Other than environmental radiation exposure, genetic origins are often sourced as the reason for thyroid cancer. However among all of the people I have talked to, including myself, I have not met one who had thyroid cancer in their family. Given that I have a history of hypothyroidism and goiter in my family does predispose me to thyroid-related issues yet I am the first of my relatives that I know has thyroid cancer. According to Richard Beliveau, Ph.D., and Denis Gingras, Ph.D. in Foods that Fight Cancer, genetics only account for 15% of cancer diagnoses. So yes indeed, genetics play a role for some of us.

Early Detection Theory
On the other hand, part of the reason that thyroid cancer rates are on the rise is that detecting thyroid cancer has improved immensely over the decades so the thyroid cancer of our ancestors may have gone unfounded. In a recent Time magazine article called The Screening Dilemma, there is something to be said about early detection. On the last page of the article, I quote:

In a 1985 study, researchers examined the bodies of 101 people who had died of causes other than thyroid cancer and found that a third of them contained cancerous thyroid cells. Because of the sampling method, the researchers knew that they were certainly missing some cases, meaning the percentage was even higher, and yet none of those people were killed by the disease.

This research study indicates that over 30% of people may have thyroid cancer cells in their bodies but it is often not the cause of death. According to David Servan-Schreiber, MD, PhD in the Anti-Cancer, all of us have cancer cells in our body but not all of us will develop cancer.

Perhaps what the Time article suggests is that for most of us, thyroid cancer is in this undetectable stage which does not develop.

Bovine hormone link
I do not know much about this theory but first read about it in Skinny Bitch. Authors Rory Freedman and Kim Barnouin, cite Prosilac, a commercialized form of bovine growth hormone used to increase cow's milk production, as linked to thyroid cancer. Given that this is an American book, this may account for some American thyroid cancer patients. What about us, Canucks? Apparently, bovine growth hormones are not permitted among Canadian cows.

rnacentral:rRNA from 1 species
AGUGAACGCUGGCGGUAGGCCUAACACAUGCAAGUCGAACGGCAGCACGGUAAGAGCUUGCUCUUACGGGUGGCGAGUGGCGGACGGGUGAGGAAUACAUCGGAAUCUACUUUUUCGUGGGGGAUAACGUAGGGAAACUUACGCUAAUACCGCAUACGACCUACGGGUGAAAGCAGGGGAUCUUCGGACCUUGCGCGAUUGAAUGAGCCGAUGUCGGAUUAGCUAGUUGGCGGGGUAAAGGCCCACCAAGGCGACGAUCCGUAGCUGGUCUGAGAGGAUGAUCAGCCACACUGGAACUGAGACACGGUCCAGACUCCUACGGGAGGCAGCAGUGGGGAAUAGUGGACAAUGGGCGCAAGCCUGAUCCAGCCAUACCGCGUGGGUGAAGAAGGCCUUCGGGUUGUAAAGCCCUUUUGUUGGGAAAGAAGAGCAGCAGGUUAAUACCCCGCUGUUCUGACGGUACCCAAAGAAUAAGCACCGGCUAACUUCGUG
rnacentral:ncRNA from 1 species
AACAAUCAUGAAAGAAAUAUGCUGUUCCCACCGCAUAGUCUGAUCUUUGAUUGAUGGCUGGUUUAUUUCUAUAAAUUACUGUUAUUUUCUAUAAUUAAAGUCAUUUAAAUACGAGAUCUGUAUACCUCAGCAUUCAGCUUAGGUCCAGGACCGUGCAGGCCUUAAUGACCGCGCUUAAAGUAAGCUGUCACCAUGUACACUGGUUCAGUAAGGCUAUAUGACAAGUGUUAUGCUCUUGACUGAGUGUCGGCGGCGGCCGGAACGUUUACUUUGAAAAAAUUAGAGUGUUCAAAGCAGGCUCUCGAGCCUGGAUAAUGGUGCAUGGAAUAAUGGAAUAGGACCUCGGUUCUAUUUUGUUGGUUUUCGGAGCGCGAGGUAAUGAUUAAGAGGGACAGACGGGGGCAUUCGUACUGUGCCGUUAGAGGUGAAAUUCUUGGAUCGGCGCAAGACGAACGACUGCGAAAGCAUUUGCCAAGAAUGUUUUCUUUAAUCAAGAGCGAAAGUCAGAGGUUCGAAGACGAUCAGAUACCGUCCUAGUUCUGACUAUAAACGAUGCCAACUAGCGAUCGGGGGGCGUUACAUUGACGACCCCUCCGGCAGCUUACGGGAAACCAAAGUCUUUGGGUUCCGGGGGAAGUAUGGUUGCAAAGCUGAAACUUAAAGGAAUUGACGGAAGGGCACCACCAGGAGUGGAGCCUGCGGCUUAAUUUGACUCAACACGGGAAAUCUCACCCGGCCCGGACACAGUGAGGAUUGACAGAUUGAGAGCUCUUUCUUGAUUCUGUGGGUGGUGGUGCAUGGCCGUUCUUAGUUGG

Overweight theory
A few articles have indicated a link between weight and thyroid cancer. In fact, like most relationships, it's complicated. It's kind of a "chicken and egg" scenario. Does being overweight cause thyroid cancer? Consequently, does thyroid cancer cause being overweight? I can attest for the fact that "going hypo" (for us Thyrogen-deficient and 'old skool' thyroid cancer patients) may cause weigh gain. (Holla! I have never been overweight but always a "thick" and "big boned" kind of girl.) When you "go hypo", you put your body in a state of extreme hypothyroidism for several weeks. Side effects of this hypothyroidism are bloating, depression, fatigue, hair loss, and, you guessed it folks, weight gain. In addition, some thyroid cancer patients have experienced hypothyroidism a lot earlier especially if it began before their cancer diagnosis. For more on this topic read, the following articles:
Does Extreme Obesity Affect Thyroid Hormone Metabolism?
Is obesity directly involved in causing thyroid cancer?

Mammography Theory
I just came across this one which erroneously indicates a link between mammograms (scan to test for breast cancer in breasts) and thyroid cancer. I have never had a mammogram (yet) but if you wish to learn more about this theory, read ACR & SBI: Mammo not dangerous to thyroid .

The Ethnic Theory
The theory that Asian people tend to be at a higher risk for thyroid cancer was totally new to me, especially if you are Filipino or Chinese. I first learned about this theory at "Thyroid Cancer: Navigating Support and Education Resources for Patients" presented by Dr. Catherine M. Kelly, MD, FRCPC a Clinical Educator and an Associate Professor of Medicine at the University of Toronto. She is the Division Director of Endocrinology at Women’s College Hospital. Then again, I learned about this theory some more from Kairol Rosenthal, author of Everything Changes, response to my article Money Talks I. So far, I know one person who is Asian and has thyroid cancer. Member of Parliament, Olivia Chow, who I have had the pleasure of meeting on a number of occasions, is Chinese-born. Also, a friend of mine who is Hong Kong Chinese offered to introduce me to a friend of hers who is a thyroid cancer survivor. Lastly, Thyroid Cancer Canada has offered a Patient Forum in Chinese this year. A Chinese language forum would be based on a growing need to provide information and services to this community in their spoken language.

From "The Needs of Canadian Thyroid Cancer Survivors: Building Knowledge and Understanding Through Social Learning",
a report by Patricia Sharkey, I quote:
By publicly sharing her experiences with thyroid cancer, Olivia has been a boundary spanner between Thry’vors and the Canadian-Chinese community, a community where thyroid cancer has a higher incidence. After Olivia’s news release, Thry’vors on-line membership jumped by 15%, many of these new members are from the Canadian-Chinese community.
Amongst all of the thyroid cancer survivors I met and the conferences I have attended, I have not seen a large number of Asians in attendance. However, does the ethnic theory suggest a genetic, dietary, or environmental cause? Hmmm.....

Dietary Theory